On hand to share their innovative efforts in desalination, robotic sprinkler sensors and more water-efficient faucets were ninth-graders from American Fork Junior High School. It capped a year-long, multi-discipline project in cooperation with Central Utah Water Conservancy District and Vivint.
“It feels really good,” said Joanne Diaz from the desalination team. “Since working on this project, I realize we can change the world.”
Using heat and steam, said Will Harris, “we were able to separate a large number of the salt particles from the water.”
Ocean water contains about 35,000 particles per million, and the team brought it down to 100 in the finished product.
“Our original budget was $495, but we found some other ways to do it and brought it down to $100,” said Russell Gray, addressing the high cost that sidelines most desalination solutions. “This is something small communities could use, using it to get drinking water from the Great Salt Lake.”
It was all very interesting, said Elani Sesions.
“We used a refrigerator and then came up with another plan and another plan,” she said. “We were working very hard, trying to be more efficient.”
“I didn’t know the water issue as so huge,” said Hannah Weight. “We have a world full of water, but we don’t really have that much usable water. Think of the good that can come from this!”
The students were dealing with things beyond their teachers’ knowledge, said English teacher Matt Strock.
“I couldn’t even fathom it,” he said. “But I saw some who had struggled in past years really grow when they saw the value and potential of their efforts. One who last year would maybe write one line in an assignment is now writing 12 paragraphs and only stopping because he ran out of room. And this is coming out in all subjects, across the board. They blew us away.”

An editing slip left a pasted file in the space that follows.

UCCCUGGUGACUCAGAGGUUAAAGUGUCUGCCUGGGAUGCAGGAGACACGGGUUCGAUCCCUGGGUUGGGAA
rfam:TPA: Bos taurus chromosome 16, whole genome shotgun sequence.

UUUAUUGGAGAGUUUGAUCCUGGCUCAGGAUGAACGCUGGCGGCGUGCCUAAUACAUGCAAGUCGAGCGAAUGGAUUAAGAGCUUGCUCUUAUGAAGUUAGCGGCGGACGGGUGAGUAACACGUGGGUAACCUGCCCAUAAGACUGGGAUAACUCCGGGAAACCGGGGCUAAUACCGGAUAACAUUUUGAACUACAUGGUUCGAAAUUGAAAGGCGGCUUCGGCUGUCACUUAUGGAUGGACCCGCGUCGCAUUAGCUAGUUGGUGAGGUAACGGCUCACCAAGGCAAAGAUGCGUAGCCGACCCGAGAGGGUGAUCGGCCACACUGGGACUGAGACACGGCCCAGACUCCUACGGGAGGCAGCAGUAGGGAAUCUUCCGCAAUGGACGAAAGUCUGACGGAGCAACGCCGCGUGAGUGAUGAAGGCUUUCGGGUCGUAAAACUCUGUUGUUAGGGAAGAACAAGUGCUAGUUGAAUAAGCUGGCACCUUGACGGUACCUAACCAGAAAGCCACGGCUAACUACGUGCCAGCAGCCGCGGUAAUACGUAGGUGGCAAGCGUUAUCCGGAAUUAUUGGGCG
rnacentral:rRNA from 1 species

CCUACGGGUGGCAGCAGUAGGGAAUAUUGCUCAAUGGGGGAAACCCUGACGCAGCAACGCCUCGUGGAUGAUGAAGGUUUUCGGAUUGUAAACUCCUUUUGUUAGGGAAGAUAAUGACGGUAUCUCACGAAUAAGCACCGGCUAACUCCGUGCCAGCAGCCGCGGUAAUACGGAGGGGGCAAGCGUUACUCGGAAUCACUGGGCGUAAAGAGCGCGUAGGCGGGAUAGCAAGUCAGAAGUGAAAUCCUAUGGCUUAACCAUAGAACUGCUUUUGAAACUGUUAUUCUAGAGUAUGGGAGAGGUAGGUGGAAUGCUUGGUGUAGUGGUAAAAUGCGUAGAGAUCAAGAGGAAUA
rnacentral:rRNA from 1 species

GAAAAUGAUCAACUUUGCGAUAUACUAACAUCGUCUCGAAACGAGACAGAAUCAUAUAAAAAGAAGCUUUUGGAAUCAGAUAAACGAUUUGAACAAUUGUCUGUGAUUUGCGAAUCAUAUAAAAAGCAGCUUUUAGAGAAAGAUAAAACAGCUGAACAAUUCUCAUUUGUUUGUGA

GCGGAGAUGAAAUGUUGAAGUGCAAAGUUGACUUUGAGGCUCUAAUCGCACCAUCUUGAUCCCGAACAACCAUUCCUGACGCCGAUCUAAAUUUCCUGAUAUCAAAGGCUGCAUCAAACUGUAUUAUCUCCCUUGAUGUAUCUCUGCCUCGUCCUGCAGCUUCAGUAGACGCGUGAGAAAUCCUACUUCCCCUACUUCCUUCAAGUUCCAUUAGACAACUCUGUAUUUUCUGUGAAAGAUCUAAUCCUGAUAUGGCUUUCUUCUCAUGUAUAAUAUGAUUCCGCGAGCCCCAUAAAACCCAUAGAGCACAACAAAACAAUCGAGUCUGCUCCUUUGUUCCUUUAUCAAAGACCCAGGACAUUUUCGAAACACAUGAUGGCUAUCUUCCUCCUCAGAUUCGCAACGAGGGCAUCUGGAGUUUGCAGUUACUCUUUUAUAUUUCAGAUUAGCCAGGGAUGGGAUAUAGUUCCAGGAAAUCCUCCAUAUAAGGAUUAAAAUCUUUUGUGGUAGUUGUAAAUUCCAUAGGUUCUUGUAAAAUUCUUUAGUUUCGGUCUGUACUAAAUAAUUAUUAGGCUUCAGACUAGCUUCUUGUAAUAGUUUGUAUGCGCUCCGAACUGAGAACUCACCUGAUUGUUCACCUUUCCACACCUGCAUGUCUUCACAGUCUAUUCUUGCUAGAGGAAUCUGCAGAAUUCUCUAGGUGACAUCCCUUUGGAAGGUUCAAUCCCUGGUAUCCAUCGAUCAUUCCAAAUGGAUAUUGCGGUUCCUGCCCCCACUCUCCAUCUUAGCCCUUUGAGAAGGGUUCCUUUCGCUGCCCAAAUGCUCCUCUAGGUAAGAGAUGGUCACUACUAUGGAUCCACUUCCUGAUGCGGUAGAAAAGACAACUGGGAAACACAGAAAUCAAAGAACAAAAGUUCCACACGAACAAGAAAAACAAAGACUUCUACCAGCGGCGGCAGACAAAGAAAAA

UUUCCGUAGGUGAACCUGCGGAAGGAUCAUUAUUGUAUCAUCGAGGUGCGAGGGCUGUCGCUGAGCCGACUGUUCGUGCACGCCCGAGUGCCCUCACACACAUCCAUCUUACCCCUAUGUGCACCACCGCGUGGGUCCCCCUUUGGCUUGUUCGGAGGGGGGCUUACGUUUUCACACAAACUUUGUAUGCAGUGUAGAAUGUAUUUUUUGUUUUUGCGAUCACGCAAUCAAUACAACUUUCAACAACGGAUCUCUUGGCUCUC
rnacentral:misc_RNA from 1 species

It was hit-and-miss in the beginning, admitted Jordan Cox, when his team began working on the cyborg sprinkler system.
“None of us had background in computers or anything,” he said.
But now, they have future goals, said Joseph Brandow, adding “we’ve fallen in love with all of this. Stuff started climbing and we want to get it down.”
“We had no clue what to expect,” said Cameron Carroll. “But it was awesome. We were creating something that will make life better.”
It was the bigger picture that caught Damien Hargett’s interest. “We don’t have a lot of fresh water,” she said. “It’s really salty or contaminated by algae blooms. And there’s a lot of water waste. If we come up with a sprinkler system that cuts out over-watering, we’re really helping people keep healthy.”
“I used to take really long showers,” Gabe Porches said. “Now, I’m shutting everything off around home.”
“We’re really proud of these kids,” said science teacher Lisa Allphin.
The festival lets them shine for a moment, she said. That, along with what they’ve learned in the process, has helped them believe they’re capable of great things.
“We started out with a challenge and it became personal. They reached into the community, and the mentors bridged the gap, giving them a great depth of knowledge.”
“Joseph is looking at taking college courses during high school now and graduating early,” said Joseph’s mother, Heather Peterson. “He’s brilliant, but he had no self-confidence. This has been life-changing.”
Even when the project didn’t turn out as planned, the students took valuable lessons home from the experience.
“The 3-D printer isn’t really as easy as it seems,” said Joel Edwards.
“It was so hard to us, transferring files to just get it to print,” said Byran Lucas, adding, “It’s very methodic.”
“It was trial and error, and we haven’t figured it out yet,” said Halli Wing. “But we’re closer to the final product.”
“The big message is that every drop does count,” Byran Lucas said.
“And every idea, even if it seems insignificant, contributes to the solution,” added Joseph Brandow.
“This is what we’re looking for in the future, people who come up with innovative ideas,” said Monica Hoyt, the public outreach coordinator at CUWCD and mentor of the desalination team. “They’re grown by leaps and bounds. They should be very proud of their amazing efforts.”